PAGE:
The emission spectra of gases can be used to study stars because the absorption spectra of stars are the exact opposite of the emission spectra of the gases that compose the stars. When the light from a star is split into its component colors, it creates a continuous spectrum except for specific missing colors. These missing colors are the same ones emitted by heated gases in laboratory settings.
Light from stars appears white and, when split, contains a large spectrum of colors. Individual gases, however, only emit certain wavelengths of light when heated, according to the way their electrons are configured. When atoms absorb heat, some of their electrons move to larger, more energetic orbitals. When the electrons move back into their resting orbital, they release light energy at particular frequencies.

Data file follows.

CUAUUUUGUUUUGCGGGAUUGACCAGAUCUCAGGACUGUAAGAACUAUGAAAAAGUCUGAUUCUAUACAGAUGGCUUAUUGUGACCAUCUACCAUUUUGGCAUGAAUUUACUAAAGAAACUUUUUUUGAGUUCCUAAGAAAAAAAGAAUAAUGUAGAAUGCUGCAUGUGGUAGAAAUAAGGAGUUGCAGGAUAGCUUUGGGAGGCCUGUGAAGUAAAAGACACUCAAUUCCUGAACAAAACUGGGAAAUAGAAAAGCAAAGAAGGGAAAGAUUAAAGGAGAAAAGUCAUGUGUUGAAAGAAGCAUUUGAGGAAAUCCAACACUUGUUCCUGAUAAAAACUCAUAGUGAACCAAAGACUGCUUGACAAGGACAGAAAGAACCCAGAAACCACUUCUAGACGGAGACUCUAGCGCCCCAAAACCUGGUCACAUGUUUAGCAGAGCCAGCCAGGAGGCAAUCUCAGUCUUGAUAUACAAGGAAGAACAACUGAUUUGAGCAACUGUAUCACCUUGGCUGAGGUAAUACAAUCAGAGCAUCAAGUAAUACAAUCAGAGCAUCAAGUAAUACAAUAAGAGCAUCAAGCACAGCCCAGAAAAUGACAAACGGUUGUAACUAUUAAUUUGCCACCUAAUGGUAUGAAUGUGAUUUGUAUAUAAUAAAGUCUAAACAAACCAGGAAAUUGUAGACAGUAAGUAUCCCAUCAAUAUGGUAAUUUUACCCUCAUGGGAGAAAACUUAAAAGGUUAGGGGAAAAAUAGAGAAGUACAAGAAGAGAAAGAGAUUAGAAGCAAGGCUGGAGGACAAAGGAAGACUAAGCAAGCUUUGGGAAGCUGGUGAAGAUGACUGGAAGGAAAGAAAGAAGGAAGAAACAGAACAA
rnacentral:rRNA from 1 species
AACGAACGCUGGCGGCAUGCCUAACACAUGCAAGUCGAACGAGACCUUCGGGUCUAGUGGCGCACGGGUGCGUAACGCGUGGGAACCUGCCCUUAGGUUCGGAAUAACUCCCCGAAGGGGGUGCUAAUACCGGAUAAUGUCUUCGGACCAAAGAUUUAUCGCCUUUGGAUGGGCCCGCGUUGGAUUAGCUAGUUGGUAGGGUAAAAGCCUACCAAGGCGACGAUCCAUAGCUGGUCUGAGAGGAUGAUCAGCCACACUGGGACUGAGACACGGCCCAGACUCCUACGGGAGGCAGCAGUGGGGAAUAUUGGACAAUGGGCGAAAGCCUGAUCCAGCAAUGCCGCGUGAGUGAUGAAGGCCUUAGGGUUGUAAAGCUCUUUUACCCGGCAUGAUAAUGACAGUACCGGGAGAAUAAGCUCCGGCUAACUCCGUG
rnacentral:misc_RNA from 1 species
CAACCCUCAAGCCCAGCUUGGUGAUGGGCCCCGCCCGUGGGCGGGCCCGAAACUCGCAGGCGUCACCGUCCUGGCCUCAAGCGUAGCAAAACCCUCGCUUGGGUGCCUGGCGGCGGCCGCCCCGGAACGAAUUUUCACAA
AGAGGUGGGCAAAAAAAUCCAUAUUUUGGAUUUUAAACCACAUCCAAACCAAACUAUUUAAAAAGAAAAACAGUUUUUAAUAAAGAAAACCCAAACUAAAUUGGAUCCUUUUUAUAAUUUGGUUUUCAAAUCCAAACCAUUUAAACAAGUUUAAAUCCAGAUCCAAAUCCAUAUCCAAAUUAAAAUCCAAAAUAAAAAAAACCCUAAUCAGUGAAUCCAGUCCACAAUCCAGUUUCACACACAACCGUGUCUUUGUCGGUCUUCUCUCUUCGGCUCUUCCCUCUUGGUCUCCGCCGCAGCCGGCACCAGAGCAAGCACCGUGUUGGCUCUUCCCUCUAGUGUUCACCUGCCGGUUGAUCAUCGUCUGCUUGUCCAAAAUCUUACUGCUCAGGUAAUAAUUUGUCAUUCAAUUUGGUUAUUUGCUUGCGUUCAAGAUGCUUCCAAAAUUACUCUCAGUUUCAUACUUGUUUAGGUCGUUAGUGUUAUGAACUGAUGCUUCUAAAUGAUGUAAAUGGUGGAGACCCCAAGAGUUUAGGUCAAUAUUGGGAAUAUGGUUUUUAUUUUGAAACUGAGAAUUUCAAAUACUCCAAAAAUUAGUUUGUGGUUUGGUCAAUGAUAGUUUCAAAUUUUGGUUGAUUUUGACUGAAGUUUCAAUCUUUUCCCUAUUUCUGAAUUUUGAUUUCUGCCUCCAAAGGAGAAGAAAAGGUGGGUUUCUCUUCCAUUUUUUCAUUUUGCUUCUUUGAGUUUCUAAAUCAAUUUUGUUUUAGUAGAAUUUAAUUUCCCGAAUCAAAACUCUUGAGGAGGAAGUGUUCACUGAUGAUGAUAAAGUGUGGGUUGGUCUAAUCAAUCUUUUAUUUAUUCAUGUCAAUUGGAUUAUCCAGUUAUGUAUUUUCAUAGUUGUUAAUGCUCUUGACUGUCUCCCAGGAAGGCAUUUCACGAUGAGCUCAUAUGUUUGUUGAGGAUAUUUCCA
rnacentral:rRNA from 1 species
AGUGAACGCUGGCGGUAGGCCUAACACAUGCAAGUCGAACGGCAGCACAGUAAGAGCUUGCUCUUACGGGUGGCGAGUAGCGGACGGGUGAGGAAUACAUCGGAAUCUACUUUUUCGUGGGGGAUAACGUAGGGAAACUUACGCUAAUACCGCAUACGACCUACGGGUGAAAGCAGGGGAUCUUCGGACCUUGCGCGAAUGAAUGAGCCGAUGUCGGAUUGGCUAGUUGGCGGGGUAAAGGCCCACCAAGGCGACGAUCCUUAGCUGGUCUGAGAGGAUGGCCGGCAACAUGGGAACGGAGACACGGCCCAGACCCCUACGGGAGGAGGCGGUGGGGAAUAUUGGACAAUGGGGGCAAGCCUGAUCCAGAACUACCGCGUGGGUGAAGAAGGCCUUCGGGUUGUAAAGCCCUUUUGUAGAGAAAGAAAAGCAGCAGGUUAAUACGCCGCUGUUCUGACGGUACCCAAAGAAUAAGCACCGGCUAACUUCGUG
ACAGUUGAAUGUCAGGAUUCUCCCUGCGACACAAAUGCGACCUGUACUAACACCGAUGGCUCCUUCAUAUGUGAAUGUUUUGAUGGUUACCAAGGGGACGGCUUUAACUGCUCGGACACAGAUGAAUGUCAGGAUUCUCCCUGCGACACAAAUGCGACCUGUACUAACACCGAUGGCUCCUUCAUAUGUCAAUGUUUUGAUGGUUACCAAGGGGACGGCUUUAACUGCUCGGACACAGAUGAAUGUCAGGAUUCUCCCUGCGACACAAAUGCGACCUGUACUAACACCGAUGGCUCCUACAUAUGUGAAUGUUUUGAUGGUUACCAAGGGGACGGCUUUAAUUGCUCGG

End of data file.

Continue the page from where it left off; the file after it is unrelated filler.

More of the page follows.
Stars emit light and a much wider range of frequencies than just the heat emission spectra of their component gases. Any color that a light emits, however, it also absorbs. Thus, the light generated by other processes that matches the gases' emission spectra is actually absorbed by the gases around the star. This creates darker regions in the spectra of the star itself and indicates the gases that compose it.